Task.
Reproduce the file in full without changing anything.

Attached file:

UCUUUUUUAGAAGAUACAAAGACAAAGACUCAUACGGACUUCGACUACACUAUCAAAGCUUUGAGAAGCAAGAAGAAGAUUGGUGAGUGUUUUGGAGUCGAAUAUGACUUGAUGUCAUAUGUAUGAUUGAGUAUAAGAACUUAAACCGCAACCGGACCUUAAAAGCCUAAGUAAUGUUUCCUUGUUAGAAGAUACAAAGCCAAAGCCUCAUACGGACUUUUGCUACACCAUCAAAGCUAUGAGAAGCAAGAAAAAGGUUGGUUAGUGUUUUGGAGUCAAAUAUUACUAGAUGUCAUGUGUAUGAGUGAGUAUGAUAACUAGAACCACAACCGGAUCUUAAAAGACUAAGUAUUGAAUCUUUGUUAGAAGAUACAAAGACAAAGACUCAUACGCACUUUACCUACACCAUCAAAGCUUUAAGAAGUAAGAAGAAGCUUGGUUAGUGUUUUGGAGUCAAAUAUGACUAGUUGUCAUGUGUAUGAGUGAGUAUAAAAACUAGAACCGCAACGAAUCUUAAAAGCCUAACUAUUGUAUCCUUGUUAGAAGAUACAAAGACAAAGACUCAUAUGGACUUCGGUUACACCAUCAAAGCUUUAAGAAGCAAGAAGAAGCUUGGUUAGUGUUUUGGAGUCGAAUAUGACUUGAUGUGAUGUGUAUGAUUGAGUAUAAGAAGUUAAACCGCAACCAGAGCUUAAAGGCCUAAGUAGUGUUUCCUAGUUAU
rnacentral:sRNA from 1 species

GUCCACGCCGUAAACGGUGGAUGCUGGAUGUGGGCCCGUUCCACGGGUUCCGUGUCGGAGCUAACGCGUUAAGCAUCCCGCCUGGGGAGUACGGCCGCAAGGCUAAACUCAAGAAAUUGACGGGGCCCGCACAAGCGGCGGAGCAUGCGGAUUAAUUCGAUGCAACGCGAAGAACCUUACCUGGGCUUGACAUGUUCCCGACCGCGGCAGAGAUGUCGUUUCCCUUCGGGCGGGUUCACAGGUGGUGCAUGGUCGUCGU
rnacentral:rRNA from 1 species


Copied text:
UCUUUUUUAGAAGAUACAAAGACAAAGACUCAUACGGACUUCGACUACACUAUCAAAGCUUUGAGAAGCAAGAAGAAGAUUGGUGAGUGUUUUGGAGUCGAAUAUGACUUGAUGUCAUAUGUAUGAUUGAGUAUAAGAACUUAAACCGCAACCGGACCUUAAAAGCCUAAGUAAUGUUUCCUUGUUAGAAGAUACAAAGCCAAAGCCUCAUACGGACUUUUGCUACACCAUCAAAGCUAUGAGAAGCAAGAAAAAGGUUGGUUAGUGUUUUGGAGUCAAAUAUUACUAGAUGUCAUGUGUAUGAGUGAGUAUGAUAACUAGAACCACAACCGGAUCUUAAAAGACUAAGUAUUGAAUCUUUGUUAGAAGAUACAAAGACAAAGACUCAUACGCACUUUACCUACACCAUCAAAGCUUUAAGAAGUAAGAAGAAGCUUGGUUAGUGUUUUGGAGUCAAAUAUGACUAGUUGUCAUGUGUAUGAGUGAGUAUAAAAACUAGAACCGCAACGAAUCUUAAAAGCCUAACUAUUGUAUCCUUGUUAGAAGAUACAAAGACAAAGACUCAUAUGGACUUCGGUUACACCAUCAAAGCUUUAAGAAGCAAGAAGAAGCUUGGUUAGUGUUUUGGAGUCGAAUAUGACUUGAUGUGAUGUGUAUGAUUGAGUAUAAGAAGUUAAACCGCAACCAGAGCUUAAAGGCCUAAGUAGUGUUUCCUAGUUAU
rnacentral:sRNA from 1 species

GUCCACGCCGUAAACGGUGGAUGCUGGAUGUGGGCCCGUUCCACGGGUUCCGUGUCGGAGCUAACGCGUUAAGCAUCCCGCCUGGGGAGUACGGCCGCAAGGCUAAACUCAAGAAAUUGACGGGGCCCGCACAAGCGGCGGAGCAUGCGGAUUAAUUCGAUGCAACGCGAAGAACCUUACCUGGGCUUGACAUGUUCCCGACCGCGGCAGAGAUGUCGUUUCCCUUCGGGCGGGUUCACAGGUGGUGCAUGGUCGUCGU
rnacentral:rRNA from 1 species